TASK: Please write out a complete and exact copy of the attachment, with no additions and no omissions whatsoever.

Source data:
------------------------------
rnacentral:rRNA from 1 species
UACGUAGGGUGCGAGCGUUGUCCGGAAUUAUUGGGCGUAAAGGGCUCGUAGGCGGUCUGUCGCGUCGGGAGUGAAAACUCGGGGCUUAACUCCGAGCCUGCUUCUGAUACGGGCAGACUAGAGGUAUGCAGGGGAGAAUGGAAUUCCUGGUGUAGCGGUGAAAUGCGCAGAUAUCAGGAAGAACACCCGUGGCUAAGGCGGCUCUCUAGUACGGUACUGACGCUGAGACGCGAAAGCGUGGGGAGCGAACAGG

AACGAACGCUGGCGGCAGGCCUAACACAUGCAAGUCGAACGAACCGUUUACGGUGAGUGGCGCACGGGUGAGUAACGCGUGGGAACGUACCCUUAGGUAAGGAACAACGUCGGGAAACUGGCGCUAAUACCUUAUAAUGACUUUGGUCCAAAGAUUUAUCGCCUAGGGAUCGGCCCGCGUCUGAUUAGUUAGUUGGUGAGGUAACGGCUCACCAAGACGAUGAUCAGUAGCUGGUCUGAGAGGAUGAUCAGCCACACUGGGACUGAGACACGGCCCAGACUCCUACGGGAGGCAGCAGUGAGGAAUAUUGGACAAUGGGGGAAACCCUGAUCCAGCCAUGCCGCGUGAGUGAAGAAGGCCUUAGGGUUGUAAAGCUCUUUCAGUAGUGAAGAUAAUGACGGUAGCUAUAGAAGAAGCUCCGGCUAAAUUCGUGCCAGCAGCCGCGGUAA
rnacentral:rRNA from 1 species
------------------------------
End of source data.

rnacentral:rRNA from 1 species
UACGUAGGGUGCGAGCGUUGUCCGGAAUUAUUGGGCGUAAAGGGCUCGUAGGCGGUCUGUCGCGUCGGGAGUGAAAACUCGGGGCUUAACUCCGAGCCUGCUUCUGAUACGGGCAGACUAGAGGUAUGCAGGGGAGAAUGGAAUUCCUGGUGUAGCGGUGAAAUGCGCAGAUAUCAGGAAGAACACCCGUGGCUAAGGCGGCUCUCUAGUACGGUACUGACGCUGAGACGCGAAAGCGUGGGGAGCGAACAGG

AACGAACGCUGGCGGCAGGCCUAACACAUGCAAGUCGAACGAACCGUUUACGGUGAGUGGCGCACGGGUGAGUAACGCGUGGGAACGUACCCUUAGGUAAGGAACAACGUCGGGAAACUGGCGCUAAUACCUUAUAAUGACUUUGGUCCAAAGAUUUAUCGCCUAGGGAUCGGCCCGCGUCUGAUUAGUUAGUUGGUGAGGUAACGGCUCACCAAGACGAUGAUCAGUAGCUGGUCUGAGAGGAUGAUCAGCCACACUGGGACUGAGACACGGCCCAGACUCCUACGGGAGGCAGCAGUGAGGAAUAUUGGACAAUGGGGGAAACCCUGAUCCAGCCAUGCCGCGUGAGUGAAGAAGGCCUUAGGGUUGUAAAGCUCUUUCAGUAGUGAAGAUAAUGACGGUAGCUAUAGAAGAAGCUCCGGCUAAAUUCGUGCCAGCAGCCGCGGUAA
rnacentral:rRNA from 1 species